Reporting: The AST organization produces various reports and includes a dashboard that captures application health status, resource status, delivery issues in services, productivity, and infrastructure status. Input data is sourced from various execution tools and final reports are generated using the reporting tool with some manual intervention.

Chargeback model: A robust chargeback model utilized pre-existing budgets from different application portfolios and apportioned costs to each subscribing application based on various criteria. This delivered cost savings for the subscribing applications.

Resolving client challenges

Multiple vendors using diverse support models to support applications across portfolios resulted in lack of predictability in service quality and high cost of services. Moreover, the client had a decentralized service model for application support and maintenance that was hamstrung by the lack of standard processes and tools. Non-uniform process maturity and application owners’ resistance to change compounded the problems.

By creating an organization to manage all applications through standardized processes and service level agreements (SLAs), Infosys provided effective consolidation of services and a single interface to end users. The solution provided end-to-end infrastructure and application support, governed by unified processes and SLAs. It used an ROI-based approach to prioritize applications for transition to the shared service, considering factors such as technology consolidation, existing vendor availability, and application stability.

Infosys created a service catalogue with clearly defined scope of services and SLAs, aligned robust process definition with industry standards like ITIL and CMMI, and set up a single-window service desk for end users. Interactive sessions with application owners along with metrics-based reporting on application service performance provided transparency to the benefits of the new model.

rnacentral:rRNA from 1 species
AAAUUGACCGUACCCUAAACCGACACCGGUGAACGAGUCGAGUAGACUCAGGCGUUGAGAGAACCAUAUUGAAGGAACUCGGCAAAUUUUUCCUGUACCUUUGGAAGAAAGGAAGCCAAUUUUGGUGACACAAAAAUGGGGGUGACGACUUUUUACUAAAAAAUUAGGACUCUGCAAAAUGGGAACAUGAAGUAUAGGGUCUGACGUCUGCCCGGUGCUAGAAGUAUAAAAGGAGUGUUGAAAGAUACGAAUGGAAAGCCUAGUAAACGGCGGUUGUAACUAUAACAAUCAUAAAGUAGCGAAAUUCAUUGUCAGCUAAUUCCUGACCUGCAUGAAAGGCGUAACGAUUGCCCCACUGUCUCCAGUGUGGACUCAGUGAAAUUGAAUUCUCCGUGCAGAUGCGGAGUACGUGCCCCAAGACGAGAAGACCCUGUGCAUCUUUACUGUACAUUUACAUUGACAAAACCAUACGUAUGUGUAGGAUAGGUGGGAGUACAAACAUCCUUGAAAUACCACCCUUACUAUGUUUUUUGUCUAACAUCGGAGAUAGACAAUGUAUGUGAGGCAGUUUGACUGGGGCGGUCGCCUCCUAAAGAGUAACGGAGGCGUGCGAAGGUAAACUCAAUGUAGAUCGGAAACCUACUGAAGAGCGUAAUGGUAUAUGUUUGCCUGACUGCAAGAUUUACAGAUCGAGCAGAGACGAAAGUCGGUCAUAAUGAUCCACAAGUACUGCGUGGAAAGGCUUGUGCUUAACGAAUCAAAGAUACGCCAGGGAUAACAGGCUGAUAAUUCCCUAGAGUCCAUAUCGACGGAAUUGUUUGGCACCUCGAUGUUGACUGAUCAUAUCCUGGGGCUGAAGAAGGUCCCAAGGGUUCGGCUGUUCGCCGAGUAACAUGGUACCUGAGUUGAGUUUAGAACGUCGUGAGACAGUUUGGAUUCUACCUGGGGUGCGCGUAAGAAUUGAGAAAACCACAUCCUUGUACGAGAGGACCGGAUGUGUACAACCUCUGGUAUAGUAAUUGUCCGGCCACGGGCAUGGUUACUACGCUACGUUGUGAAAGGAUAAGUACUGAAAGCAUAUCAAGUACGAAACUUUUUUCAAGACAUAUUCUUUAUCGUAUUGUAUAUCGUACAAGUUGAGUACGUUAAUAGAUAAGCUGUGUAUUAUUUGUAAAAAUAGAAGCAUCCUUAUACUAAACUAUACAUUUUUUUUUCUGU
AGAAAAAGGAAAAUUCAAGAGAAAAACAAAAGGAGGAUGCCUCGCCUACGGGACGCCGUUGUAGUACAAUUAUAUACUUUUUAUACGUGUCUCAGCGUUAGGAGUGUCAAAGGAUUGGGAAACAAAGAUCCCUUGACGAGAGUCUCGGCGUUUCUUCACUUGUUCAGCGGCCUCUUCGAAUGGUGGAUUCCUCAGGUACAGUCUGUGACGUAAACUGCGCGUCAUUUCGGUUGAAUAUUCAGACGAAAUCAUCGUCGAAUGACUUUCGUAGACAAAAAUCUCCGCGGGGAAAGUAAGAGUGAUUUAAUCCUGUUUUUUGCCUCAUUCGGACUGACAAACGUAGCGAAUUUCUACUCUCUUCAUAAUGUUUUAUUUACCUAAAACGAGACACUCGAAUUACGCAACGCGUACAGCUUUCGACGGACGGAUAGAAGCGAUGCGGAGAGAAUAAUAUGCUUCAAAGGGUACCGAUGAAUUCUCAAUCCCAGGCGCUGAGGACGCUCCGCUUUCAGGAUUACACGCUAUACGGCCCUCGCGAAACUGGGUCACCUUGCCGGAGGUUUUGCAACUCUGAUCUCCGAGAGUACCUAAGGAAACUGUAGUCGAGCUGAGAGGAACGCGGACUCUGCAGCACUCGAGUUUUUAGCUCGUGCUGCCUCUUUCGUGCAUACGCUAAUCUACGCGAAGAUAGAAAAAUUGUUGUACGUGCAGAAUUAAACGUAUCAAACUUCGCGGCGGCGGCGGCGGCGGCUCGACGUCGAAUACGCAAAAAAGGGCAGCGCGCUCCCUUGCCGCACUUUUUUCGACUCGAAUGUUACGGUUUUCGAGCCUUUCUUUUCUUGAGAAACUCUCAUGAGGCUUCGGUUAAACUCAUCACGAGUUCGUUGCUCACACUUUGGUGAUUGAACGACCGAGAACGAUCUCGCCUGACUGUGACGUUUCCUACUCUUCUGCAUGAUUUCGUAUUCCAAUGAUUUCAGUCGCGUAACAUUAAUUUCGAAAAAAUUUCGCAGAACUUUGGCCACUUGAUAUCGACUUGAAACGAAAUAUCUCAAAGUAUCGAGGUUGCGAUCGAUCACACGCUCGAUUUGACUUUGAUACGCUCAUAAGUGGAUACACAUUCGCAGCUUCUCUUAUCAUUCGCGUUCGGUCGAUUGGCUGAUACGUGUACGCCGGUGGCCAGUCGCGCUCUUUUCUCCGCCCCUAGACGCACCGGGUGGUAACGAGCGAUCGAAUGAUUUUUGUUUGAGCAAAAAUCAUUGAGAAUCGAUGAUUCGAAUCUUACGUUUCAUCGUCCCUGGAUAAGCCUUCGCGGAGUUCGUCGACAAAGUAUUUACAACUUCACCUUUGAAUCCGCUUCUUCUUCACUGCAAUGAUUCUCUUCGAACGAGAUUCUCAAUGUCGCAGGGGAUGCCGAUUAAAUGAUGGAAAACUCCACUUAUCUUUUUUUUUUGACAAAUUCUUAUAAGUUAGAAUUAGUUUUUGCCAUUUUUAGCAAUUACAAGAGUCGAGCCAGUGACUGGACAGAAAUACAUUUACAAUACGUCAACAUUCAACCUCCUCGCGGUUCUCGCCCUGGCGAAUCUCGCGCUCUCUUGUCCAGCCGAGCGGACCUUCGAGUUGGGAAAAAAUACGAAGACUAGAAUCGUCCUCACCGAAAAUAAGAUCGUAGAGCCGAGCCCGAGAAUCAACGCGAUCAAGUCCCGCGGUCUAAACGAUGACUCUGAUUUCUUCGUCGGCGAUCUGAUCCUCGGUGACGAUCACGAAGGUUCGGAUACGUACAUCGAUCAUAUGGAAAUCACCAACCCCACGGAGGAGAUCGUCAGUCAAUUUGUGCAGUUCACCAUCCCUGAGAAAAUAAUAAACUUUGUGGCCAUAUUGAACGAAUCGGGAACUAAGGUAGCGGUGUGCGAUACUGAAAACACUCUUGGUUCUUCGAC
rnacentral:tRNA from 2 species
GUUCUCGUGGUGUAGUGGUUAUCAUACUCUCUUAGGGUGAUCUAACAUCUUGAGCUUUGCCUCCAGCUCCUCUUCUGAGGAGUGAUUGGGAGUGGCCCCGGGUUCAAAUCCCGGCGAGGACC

Infosys conducted a large pilot, followed by a quick ramp up of the service program. It documented the client’s processes and did a thorough review of each application before transition to ensure stability and performance. An independent process and compliance team was created as part of the program to define processes and ensure adherence.


The Infosys Application Service Transformation solution:

  • Reduced overhead and operations costs
  • Reduced application delivery cost by 30 percent through shared onsite-offshore model
  • Introduced predictable service quality ─ overall SLA adherence over 95 percent
  • Increased availability of platforms and applications
  • Reduced technology spread and bandwidth required to manage the platforms
  • Provided expertise to architect and implement a solution through a single interface
  • Strengthened the security framework for applications
  • Improved turnaround time for user requests and issues
  • Provided standardized and predictable estimation models for more accurate budget forecasting